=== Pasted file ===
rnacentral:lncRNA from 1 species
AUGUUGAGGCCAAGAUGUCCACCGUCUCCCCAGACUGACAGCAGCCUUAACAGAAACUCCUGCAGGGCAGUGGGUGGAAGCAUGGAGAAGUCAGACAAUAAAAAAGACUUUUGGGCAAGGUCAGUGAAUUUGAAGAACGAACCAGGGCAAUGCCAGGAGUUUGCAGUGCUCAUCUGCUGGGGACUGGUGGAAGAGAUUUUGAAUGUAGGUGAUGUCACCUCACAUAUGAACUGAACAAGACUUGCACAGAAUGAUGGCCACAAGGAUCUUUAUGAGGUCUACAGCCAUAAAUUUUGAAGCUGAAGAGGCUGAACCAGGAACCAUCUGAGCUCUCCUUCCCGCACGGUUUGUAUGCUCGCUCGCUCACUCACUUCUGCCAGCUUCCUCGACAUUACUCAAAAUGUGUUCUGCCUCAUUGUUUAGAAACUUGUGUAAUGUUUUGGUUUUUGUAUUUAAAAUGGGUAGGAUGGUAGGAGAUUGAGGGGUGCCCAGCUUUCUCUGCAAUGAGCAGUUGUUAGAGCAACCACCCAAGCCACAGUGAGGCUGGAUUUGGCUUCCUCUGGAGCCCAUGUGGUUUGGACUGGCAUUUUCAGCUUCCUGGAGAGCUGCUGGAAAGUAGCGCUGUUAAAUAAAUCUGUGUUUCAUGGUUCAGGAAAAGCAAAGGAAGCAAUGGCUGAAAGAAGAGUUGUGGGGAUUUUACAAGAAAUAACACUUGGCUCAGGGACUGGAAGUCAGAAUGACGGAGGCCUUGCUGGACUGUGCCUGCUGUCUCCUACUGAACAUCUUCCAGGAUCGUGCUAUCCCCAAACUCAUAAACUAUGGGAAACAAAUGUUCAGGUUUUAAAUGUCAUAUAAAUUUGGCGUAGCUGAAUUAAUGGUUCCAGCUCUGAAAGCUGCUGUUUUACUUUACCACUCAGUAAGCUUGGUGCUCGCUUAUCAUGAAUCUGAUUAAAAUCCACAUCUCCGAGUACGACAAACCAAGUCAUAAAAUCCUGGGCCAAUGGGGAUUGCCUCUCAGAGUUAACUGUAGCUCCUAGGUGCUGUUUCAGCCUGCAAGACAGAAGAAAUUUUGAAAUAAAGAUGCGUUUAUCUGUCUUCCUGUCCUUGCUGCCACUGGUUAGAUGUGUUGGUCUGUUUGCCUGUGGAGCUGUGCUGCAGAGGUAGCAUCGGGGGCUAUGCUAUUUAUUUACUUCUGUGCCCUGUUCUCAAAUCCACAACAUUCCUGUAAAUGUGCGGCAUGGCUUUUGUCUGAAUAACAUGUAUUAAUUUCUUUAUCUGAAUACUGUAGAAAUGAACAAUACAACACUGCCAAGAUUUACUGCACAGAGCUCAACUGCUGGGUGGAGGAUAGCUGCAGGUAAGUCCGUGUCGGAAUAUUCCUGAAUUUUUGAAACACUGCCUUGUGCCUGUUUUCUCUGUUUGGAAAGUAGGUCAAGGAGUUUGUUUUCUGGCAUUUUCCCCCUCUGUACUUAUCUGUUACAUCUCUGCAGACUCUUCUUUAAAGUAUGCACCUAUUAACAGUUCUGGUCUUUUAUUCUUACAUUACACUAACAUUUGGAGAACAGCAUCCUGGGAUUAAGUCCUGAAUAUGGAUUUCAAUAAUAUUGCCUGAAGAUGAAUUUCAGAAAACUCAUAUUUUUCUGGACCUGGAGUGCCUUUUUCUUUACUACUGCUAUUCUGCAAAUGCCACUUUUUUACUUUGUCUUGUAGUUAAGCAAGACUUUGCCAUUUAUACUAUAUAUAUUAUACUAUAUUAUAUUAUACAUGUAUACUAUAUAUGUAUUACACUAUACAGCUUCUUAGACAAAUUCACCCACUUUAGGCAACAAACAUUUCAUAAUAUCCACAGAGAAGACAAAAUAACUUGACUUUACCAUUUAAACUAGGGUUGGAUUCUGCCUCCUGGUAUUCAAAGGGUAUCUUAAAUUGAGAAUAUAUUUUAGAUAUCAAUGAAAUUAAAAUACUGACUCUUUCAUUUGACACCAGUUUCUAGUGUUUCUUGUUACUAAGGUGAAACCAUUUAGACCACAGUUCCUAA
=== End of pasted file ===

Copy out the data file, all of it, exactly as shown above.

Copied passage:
rnacentral:lncRNA from 1 species
AUGUUGAGGCCAAGAUGUCCACCGUCUCCCCAGACUGACAGCAGCCUUAACAGAAACUCCUGCAGGGCAGUGGGUGGAAGCAUGGAGAAGUCAGACAAUAAAAAAGACUUUUGGGCAAGGUCAGUGAAUUUGAAGAACGAACCAGGGCAAUGCCAGGAGUUUGCAGUGCUCAUCUGCUGGGGACUGGUGGAAGAGAUUUUGAAUGUAGGUGAUGUCACCUCACAUAUGAACUGAACAAGACUUGCACAGAAUGAUGGCCACAAGGAUCUUUAUGAGGUCUACAGCCAUAAAUUUUGAAGCUGAAGAGGCUGAACCAGGAACCAUCUGAGCUCUCCUUCCCGCACGGUUUGUAUGCUCGCUCGCUCACUCACUUCUGCCAGCUUCCUCGACAUUACUCAAAAUGUGUUCUGCCUCAUUGUUUAGAAACUUGUGUAAUGUUUUGGUUUUUGUAUUUAAAAUGGGUAGGAUGGUAGGAGAUUGAGGGGUGCCCAGCUUUCUCUGCAAUGAGCAGUUGUUAGAGCAACCACCCAAGCCACAGUGAGGCUGGAUUUGGCUUCCUCUGGAGCCCAUGUGGUUUGGACUGGCAUUUUCAGCUUCCUGGAGAGCUGCUGGAAAGUAGCGCUGUUAAAUAAAUCUGUGUUUCAUGGUUCAGGAAAAGCAAAGGAAGCAAUGGCUGAAAGAAGAGUUGUGGGGAUUUUACAAGAAAUAACACUUGGCUCAGGGACUGGAAGUCAGAAUGACGGAGGCCUUGCUGGACUGUGCCUGCUGUCUCCUACUGAACAUCUUCCAGGAUCGUGCUAUCCCCAAACUCAUAAACUAUGGGAAACAAAUGUUCAGGUUUUAAAUGUCAUAUAAAUUUGGCGUAGCUGAAUUAAUGGUUCCAGCUCUGAAAGCUGCUGUUUUACUUUACCACUCAGUAAGCUUGGUGCUCGCUUAUCAUGAAUCUGAUUAAAAUCCACAUCUCCGAGUACGACAAACCAAGUCAUAAAAUCCUGGGCCAAUGGGGAUUGCCUCUCAGAGUUAACUGUAGCUCCUAGGUGCUGUUUCAGCCUGCAAGACAGAAGAAAUUUUGAAAUAAAGAUGCGUUUAUCUGUCUUCCUGUCCUUGCUGCCACUGGUUAGAUGUGUUGGUCUGUUUGCCUGUGGAGCUGUGCUGCAGAGGUAGCAUCGGGGGCUAUGCUAUUUAUUUACUUCUGUGCCCUGUUCUCAAAUCCACAACAUUCCUGUAAAUGUGCGGCAUGGCUUUUGUCUGAAUAACAUGUAUUAAUUUCUUUAUCUGAAUACUGUAGAAAUGAACAAUACAACACUGCCAAGAUUUACUGCACAGAGCUCAACUGCUGGGUGGAGGAUAGCUGCAGGUAAGUCCGUGUCGGAAUAUUCCUGAAUUUUUGAAACACUGCCUUGUGCCUGUUUUCUCUGUUUGGAAAGUAGGUCAAGGAGUUUGUUUUCUGGCAUUUUCCCCCUCUGUACUUAUCUGUUACAUCUCUGCAGACUCUUCUUUAAAGUAUGCACCUAUUAACAGUUCUGGUCUUUUAUUCUUACAUUACACUAACAUUUGGAGAACAGCAUCCUGGGAUUAAGUCCUGAAUAUGGAUUUCAAUAAUAUUGCCUGAAGAUGAAUUUCAGAAAACUCAUAUUUUUCUGGACCUGGAGUGCCUUUUUCUUUACUACUGCUAUUCUGCAAAUGCCACUUUUUUACUUUGUCUUGUAGUUAAGCAAGACUUUGCCAUUUAUACUAUAUAUAUUAUACUAUAUUAUAUUAUACAUGUAUACUAUAUAUGUAUUACACUAUACAGCUUCUUAGACAAAUUCACCCACUUUAGGCAACAAACAUUUCAUAAUAUCCACAGAGAAGACAAAAUAACUUGACUUUACCAUUUAAACUAGGGUUGGAUUCUGCCUCCUGGUAUUCAAAGGGUAUCUUAAAUUGAGAAUAUAUUUUAGAUAUCAAUGAAAUUAAAAUACUGACUCUUUCAUUUGACACCAGUUUCUAGUGUUUCUUGUUACUAAGGUGAAACCAUUUAGACCACAGUUCCUAA